Keir Starmer in support of #AskHerToStand
On Ask Her To Stand day, on 21 November, Sir Keir Starmer MP talks on the importance of involving women at all levels of politics.
Over 100 years ago, the first woman took her seat in parliament. Since then, more than 5,000 MPs have been elected, but fewer than 600 of them are women.
Today, there are just 224 female MPs. Ask Her To Stand day aims to change that.
When women are elected, they change the course of history. Margaret Beckett, Britain’s female Foreign Secretary. Harriet Harman, who was instrumental in Labour’s introduction of the National Minimum Wage. And I am proud to lead a Labour Party which hopes to have Britain’s first female Chancellor.
Labour’s policies; ensuring equal opportunity for every child, protecting women and girls against domestic violence, getting our NHS back on its feet, better access to sport and the arts and improving our justice system, are created by women in our shadow cabinet. Their work will change our country for the better.
And look at what happens when women aren’t around the decision-making table – medical PPE doesn’t fit properly, shocking black maternity outcomes aren’t addressed, the economic potential of women entrepreneurs isn’t harnessed.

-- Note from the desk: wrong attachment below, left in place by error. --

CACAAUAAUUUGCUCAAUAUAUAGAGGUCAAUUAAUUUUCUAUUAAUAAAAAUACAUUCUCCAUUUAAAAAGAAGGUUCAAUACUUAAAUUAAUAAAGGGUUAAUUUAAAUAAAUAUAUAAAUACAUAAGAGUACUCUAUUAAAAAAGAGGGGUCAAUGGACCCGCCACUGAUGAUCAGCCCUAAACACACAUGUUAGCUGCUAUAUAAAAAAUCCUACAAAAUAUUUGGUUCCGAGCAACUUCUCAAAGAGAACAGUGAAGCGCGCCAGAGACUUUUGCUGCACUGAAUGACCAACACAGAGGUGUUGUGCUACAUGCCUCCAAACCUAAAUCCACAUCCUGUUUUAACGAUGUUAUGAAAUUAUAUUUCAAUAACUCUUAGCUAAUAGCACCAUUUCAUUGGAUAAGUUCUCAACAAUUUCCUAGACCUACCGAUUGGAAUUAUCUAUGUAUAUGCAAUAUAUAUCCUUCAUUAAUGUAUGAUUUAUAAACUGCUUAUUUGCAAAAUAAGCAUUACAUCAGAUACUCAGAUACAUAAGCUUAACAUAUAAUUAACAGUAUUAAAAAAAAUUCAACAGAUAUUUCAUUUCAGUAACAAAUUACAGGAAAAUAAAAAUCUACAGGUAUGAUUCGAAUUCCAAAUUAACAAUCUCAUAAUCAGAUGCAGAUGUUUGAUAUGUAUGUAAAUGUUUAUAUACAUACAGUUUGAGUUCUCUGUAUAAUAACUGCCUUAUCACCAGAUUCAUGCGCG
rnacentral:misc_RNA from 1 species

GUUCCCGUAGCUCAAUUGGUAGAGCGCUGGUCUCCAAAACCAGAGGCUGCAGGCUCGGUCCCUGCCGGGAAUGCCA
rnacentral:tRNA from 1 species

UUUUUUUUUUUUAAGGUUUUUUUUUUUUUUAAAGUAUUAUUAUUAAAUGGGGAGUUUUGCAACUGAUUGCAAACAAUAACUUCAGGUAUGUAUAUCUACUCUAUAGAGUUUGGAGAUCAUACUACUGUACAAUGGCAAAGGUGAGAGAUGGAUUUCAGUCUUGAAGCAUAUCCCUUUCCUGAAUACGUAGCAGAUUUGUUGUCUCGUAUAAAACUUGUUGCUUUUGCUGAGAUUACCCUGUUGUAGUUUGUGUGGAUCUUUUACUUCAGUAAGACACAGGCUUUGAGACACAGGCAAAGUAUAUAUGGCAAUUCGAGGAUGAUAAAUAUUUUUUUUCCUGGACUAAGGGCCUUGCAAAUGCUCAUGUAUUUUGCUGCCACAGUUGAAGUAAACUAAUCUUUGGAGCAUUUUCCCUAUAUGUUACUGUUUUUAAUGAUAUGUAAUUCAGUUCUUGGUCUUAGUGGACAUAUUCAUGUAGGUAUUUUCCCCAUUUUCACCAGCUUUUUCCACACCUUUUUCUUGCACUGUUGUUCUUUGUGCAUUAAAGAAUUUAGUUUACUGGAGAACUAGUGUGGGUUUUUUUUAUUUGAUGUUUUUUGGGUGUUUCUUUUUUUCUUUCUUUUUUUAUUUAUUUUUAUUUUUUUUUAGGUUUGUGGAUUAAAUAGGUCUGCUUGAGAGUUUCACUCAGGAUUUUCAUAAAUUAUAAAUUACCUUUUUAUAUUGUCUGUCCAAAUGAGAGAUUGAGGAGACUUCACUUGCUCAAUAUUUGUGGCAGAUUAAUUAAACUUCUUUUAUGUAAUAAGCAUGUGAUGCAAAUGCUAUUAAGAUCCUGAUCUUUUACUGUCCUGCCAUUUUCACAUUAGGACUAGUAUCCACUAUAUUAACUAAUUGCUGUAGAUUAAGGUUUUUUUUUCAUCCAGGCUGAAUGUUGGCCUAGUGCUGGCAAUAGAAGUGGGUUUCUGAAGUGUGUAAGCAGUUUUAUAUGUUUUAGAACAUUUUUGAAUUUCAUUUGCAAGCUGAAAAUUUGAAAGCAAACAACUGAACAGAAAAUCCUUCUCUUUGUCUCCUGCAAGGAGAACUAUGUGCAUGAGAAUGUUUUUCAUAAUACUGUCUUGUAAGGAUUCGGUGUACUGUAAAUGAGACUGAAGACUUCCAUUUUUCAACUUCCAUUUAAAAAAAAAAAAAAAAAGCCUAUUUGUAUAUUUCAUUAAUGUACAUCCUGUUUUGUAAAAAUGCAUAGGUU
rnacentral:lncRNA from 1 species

The next generation of women should experience less inequality than women that have come before them, but it’s far from job done. I see in my daughter and her friends the potential that generation holds. They rightly expect equality, they are digitally savvy. They see the potential in technology and social change. They know they can do any job as well as their male friends.
It is on us as politicians now to pave the way for them to use those beliefs. There’s still a long way to go.
Ask Her To Stand aims to encourage women to get involved in all levels of politics - local and national.
So, if you know someone who would make a great representative, in parliament, and in their local communities, Ask Her To Stand.
Nominations for Women in Westminster 2024 close on Friday 24 November!
There are so many talented women in Westminster who often go unrecognised. We are therefore calling on you to nominate any woman currently working in Westminster or across the supporting sectors that you believe has made an impact on politics or public life in the past year. These women could be, but are not limited to, parliamentarians, journalists, civil servants, activists, think tankers or public affairs professionals. To find out more and submit your nomination, please visit the Women in Westminster website.
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